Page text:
Spartans Shock Top-Seeded Rams in Quarterfinals


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By W.G. Ramirez
Special to


LAS VEGAS - In what San José State coach Jamie Craighead characterized in what she thought was the biggest win in the program's history, the eighth-seeded Spartans shocked No. 1 seed Colorado State, 64-55, in the quarterfinals of the 2015 Mountain West Women's Championships at the Thomas and Mack Center on Tuesday.


San José State (15-16) advances to play the winner of the UNLV-Boise State game, in Wednesday's 6 p.m. semifinal.


The normally offensive Spartans, who scored 99 points in their previous two games, showed their defensive prowess in slowing the pace to stifle the Rams (23-7) to just 29 percent from the field, on 20 of 69 shooting. Colorado State's 18.2 shooting percentage in the first half was a season low for field-goal percentage in a half.


"We won a different way than we normally win," said Craighead, whose Spartans won for just the third time this season when scoring less than 70 points. "It was a great defensive effort from my team when the offense wasn't clicking."


After shooting 36 of 83 (43.4 percent) in an opening round victory against Utah State on Monday, the Spartans shot a meager 36.6 percent (26 of 71) against Colorado State. After hitting just 9 of 35 (25.7) from the field in a quiet first half that saw San José State take a 25-18 lead into the locker room, the Spartans caught fire in the second half, hitting 17 of 36 (47.2) field goal attempts - including 5 of 11 45.5) from beyond the 3-point line.


"In the first half, we just kept telling ourselves, 'We'll win any way we can,'" said San José State senior guard Ta'Rea Cunnigan, who finished 17 points and five rebounds. "If it means it's going to be an all-defensive game, we'll take it. We were having a tough time in the first half with our shots falling. We didn't let that concern us, just focus on defense."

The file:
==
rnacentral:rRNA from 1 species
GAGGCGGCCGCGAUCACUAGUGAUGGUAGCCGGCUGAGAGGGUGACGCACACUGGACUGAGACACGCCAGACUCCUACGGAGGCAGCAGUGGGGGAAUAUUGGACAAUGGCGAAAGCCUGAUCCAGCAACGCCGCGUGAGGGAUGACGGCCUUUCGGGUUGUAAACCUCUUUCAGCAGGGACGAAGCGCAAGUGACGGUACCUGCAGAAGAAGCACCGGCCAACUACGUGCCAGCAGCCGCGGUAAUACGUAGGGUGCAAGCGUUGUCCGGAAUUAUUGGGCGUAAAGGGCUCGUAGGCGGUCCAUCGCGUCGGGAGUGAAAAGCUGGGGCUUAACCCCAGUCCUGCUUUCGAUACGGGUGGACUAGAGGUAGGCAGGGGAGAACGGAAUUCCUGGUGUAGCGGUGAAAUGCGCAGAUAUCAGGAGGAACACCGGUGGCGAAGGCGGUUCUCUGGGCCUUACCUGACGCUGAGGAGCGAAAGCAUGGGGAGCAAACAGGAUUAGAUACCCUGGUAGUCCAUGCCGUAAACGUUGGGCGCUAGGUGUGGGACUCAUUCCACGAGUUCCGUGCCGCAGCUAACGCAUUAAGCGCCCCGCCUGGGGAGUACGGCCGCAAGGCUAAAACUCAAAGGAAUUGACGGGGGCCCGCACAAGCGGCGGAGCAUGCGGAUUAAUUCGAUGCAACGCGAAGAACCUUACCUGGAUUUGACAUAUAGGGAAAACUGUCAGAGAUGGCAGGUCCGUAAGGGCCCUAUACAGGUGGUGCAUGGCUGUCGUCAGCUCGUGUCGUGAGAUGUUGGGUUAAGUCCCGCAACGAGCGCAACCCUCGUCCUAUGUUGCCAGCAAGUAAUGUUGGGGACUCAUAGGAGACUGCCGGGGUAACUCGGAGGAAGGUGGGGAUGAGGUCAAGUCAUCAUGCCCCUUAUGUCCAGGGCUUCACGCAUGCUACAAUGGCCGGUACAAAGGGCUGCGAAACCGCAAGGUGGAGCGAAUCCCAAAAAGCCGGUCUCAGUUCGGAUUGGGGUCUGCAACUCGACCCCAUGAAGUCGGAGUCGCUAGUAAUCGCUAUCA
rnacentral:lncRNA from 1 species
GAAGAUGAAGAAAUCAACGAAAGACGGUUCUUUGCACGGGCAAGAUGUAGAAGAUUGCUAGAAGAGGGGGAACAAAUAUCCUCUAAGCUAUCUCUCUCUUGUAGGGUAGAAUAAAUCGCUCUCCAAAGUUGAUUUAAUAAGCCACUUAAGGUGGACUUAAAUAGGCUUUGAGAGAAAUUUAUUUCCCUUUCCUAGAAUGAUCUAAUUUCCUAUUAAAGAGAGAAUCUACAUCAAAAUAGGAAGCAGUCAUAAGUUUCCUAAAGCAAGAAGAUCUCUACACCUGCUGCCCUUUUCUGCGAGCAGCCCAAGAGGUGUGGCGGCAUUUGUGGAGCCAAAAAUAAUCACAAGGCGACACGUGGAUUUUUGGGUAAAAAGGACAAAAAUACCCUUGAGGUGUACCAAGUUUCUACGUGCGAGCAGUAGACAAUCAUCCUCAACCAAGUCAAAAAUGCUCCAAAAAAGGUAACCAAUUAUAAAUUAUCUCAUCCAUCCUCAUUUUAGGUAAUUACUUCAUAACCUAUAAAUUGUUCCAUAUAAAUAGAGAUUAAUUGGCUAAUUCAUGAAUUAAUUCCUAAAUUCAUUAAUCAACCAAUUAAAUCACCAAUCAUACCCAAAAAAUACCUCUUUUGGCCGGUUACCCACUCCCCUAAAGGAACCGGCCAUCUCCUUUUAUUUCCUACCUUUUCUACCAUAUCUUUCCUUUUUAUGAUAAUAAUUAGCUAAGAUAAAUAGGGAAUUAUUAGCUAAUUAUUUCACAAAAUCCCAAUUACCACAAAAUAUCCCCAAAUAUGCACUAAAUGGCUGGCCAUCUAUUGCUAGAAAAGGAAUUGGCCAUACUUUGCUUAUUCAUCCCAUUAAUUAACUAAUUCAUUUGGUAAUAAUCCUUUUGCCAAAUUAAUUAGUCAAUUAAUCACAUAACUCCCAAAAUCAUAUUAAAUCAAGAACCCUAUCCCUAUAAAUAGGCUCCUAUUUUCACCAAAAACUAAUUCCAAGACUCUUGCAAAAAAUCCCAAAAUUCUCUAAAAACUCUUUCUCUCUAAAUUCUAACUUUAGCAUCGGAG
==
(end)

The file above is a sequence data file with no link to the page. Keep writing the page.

With the game tied 16-all with less than three minutes left in the half, the Spartans emerged from a crucial timeout and used three straight 3-pointers - two from Aniya Baker and one from Rebecca Woodberry - to seize momentum for the second half.


"They looked worried offensively," Craighead said. "We get worried because we rely on our offense. I said: 'Why are we worried? It's a tied basketball game, it's like we just tipped off.' We went on a run (and) when they saw the ball go down a few times at halftime they were all pumped up. They knew they had to play 20 more minutes."


After Colorado State scored the first five points of the second half, the Spartans found their offensive groove and went on runs of 14-10 and 25-17 to eventually take a 10-point lead. The Rams made a late run, with about six minutes left in the game, when guard AJ Newton buried two straight 3-pointers and Jamie Patrick followed with a trey of her own, cutting San José State's lead to 56-51.


The Spartans, however, responded by closing the game on an 8-4 run to secure the win and advance to the semifinals for the first time since joining the MW. The Spartans' 24 3-pointers in their first two MW Championship games is seven shy of the tournament record (31), set last year by Fresno State.


Baker led all scorers with 18 points, as she broke her career-high for field-goal attempts with 19. She also tied her career-high of field-goals made with seven, and tied her career-high with six rebounds. Woodberry, who finished with 11 points and 12 rebounds, recorded her fifth double-double this season and ninth of her career.


"Our main goal was the championship," Baker said. "We weren't stopping because they were the No. 1. We were playing together, hard and having fun."


Colorado State's Ellen Nystrom led the Rams with 13 points, while she also recorded a career-high and MW Tournament single-game record with 20 rebounds. It was her third double-double of the season and eighth of her career. Mountain West co-Player of the Year Gritt Ryder had 10 points and five rebounds for the Rams.


"We knew going into this basketball game that we were going to have to play well to beat them," Colorado State coach Ryun Williams said. "Their last two games they've scored 99 points, so they surely had our respect. They played well today, at both ends of the floor. It's just not a good day to have a bad day. We had a bad basketball game. Give San José State credit. They were good defensively. They played us like we would probably play ourselves, to be honest with you. "


San José State's victory marked the first time a No. 8 seed defeated a No. 1 seed in MW Tournament play, while the Spartans improved to 3-0 on a neutral court.


Willie Ramirez is a Las Vegas-based freelance reporter and Southern Nevada correspondent for The Associated Press. Follow him on Twitter: @AP_WG